Campus briefs


Registration open for Work-Life Connecting the Dots conference

Registration is now open for the U-M Work-Life Resource Center’s annual Connecting the Dots conference, which will share useful tips and strategies to help university employees respond to challenging times. The event offers six free, virtual presentations Oct. 12-14 — two 75-minute Zoom presentations each day. The presentations are at 11:30 a.m. and 2 p.m. Oct. 12, and at 10 a.m. and 2 p.m. Oct. 13-14. Register online. This is the 17th annual Work-Life Connecting the Dots Conference. It is available to all members of the faculty and staff at no charge via Zoom webinars. Presentation topics include:

  • Thriving in a World Turned Upside-Down.
  • Keeping your Brain Healthy: Advances in Aging and Alzheimer’s Research.
  • Working in New Ways: Keeping Our Communities Connected.
  • Planning for Retirement.
  • Difficult Conversations.

Board of Regents to meet Sept. 22; livestream available

The Board of Regents is scheduled to meet at 4 p.m. Sept. 22 in University Hall in the Alexander G. Ruthven Building, 1109 Geddes Ave. Members of the public also will be able to watch a livestream of the meeting at Those wishing to make comments during the meeting must attend in person. An agenda will be posted at noon Sept. 19 at To offer public comment at the meeting, sign up before 9 a.m. Sept. 21 at People with disabilities who need assistance should contact the Office of the Vice President and Secretary of the University in advance at 734-763-8194. For more information, go to

Carbon Neutrality Acceleration Program funds seven new projects

The Graham Sustainability Institute’s Carbon Neutrality Acceleration Program has announced a new set of funded faculty research projects, all of which are designed for completion within a year. CNAP is a multiyear, multimillion-dollar program created in 2020 with a $5 million gift from anonymous donors. This is the second round of funding awarded. Seven 12-month projects totaling $350,000 were chosen in this round. The projects will pursue a range of carbon neutrality pathways, including carbon capture, renewable fuels, energy storage, aircraft electrification, solar power, chemical production and circular economies. While the seven new projects run the gamut of carbon-reduction interventions, they share a common thread of timely practical application. Read more about the projects and view a full list of recipients.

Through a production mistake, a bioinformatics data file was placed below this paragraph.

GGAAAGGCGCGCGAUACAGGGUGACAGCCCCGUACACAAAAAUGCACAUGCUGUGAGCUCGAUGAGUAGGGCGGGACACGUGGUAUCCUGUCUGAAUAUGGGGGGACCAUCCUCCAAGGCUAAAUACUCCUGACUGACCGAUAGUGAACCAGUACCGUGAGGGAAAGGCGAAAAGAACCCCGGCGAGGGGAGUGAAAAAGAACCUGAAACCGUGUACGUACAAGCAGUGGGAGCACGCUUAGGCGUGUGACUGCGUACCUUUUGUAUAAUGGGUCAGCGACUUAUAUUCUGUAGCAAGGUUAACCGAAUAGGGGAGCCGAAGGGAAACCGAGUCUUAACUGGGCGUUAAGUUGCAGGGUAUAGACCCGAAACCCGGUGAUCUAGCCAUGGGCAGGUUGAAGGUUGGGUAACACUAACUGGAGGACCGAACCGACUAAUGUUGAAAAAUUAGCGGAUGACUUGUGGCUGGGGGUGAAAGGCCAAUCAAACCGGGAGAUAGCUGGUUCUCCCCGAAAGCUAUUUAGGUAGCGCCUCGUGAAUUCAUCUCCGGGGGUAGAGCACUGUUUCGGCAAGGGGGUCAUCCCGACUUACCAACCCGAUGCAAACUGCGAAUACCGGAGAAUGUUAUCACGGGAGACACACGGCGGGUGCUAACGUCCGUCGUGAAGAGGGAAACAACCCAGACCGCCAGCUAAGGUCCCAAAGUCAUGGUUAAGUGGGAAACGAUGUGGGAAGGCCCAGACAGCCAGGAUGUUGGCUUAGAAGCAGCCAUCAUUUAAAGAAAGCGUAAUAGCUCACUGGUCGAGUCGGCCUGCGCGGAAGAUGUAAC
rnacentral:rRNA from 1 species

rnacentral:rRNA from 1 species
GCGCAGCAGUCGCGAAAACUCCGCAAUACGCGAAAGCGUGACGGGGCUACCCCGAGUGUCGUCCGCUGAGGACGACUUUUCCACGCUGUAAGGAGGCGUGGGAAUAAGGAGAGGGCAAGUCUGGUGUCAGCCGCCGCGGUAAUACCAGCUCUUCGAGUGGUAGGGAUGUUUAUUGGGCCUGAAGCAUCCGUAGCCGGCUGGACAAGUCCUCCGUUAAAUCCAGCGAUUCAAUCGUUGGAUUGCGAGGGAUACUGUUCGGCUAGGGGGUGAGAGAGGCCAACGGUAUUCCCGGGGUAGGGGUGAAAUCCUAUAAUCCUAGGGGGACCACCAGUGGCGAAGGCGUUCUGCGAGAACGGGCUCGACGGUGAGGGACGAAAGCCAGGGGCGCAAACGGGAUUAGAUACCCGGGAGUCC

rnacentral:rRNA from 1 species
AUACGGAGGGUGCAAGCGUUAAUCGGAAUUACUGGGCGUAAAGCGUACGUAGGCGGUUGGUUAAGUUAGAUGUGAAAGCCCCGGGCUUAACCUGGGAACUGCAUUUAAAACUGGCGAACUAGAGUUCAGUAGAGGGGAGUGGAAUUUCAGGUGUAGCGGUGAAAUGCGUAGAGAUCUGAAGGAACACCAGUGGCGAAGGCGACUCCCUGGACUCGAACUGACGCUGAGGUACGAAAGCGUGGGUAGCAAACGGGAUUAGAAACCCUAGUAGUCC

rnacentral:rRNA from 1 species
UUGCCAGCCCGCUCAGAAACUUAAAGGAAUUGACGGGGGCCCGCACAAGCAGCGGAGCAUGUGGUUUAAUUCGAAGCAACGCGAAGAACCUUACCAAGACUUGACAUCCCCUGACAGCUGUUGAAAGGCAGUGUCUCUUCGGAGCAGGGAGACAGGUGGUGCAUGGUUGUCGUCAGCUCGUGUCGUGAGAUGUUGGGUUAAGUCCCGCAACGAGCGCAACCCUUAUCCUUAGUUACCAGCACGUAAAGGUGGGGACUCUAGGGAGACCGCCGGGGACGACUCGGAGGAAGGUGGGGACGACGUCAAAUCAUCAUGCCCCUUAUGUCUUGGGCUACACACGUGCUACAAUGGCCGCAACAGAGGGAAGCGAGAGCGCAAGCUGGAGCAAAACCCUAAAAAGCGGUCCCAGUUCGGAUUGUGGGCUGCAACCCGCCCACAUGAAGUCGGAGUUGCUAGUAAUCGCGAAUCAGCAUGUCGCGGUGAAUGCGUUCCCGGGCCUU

IRWG awards six seed grants studying women, gender and sexuality

The Institute for Research on Women and Gender has awarded six seed grants for faculty projects on women, gender and sexuality in the summer competition. The grants support individual research activities, initial research efforts, performances and community-based research, bringing the total amount awarded in 2022 to more than $100,000. A full list of 2022 seed grant projects and participating faculty members can be found online.

Environment, Health & Safety plans fire safety awareness event Sept. 21

U-M Environment, Health & Safety will host a fire safety awareness event at Ingalls Mall on Sept. 21 to provide information and answer questions as part of Campus Fire Safety Month. Representatives from EHS, the Ann Arbor Fire Department, the state Fire Prevention Team, Michigan Medicine Trauma Burn, Division of Public Safety and Security and others will be on site from 10 a.m. to 1 p.m. There also will be a burn trailer demonstration at noon that shows how quickly a fire can engulf a space, and how effective fire sprinkler systems are at reducing fire damage. September is designated as Campus Fire Safety Month by the National Fire Protection Association and the Center for Campus Fire Safety. All faculty, staff and students should understand common causes of fires. Some examples include storing combustible materials near heat sources, unattended cooking, use of candles, overcharging lithium-ion batteries, and using faulty appliances with damaged power cords. More information is available online about campus fire-safety tips.

U-M study finds 1 in 4 four adults experience transportation insecurity

More than a quarter of adults 25 and older in the United States experience transportation insecurity, meaning they are unable to move from place to place in a safe or timely manner. The Transportation Security Index, a novel measure of transportation insecurity recently developed by U-M researchers, offers new insights into the experience of this form of material hardship. Their analysis found the experience of transportation insecurity as reported on a 2018 nationally representative survey is closely linked to income level. More than half of people living below the poverty line experience transportation insecurity, which is higher than the rate of food insecurity among people in poverty. The latest research found transportation insecurity was more common among Black adults (33%) and Hispanic adults (29%) than white adults (19%). Residents of urban areas (39%) are more likely to experience transportation insecurity compared to suburban (22%) and rural (13%) residents.

Compiled by James Iseler, The University Record


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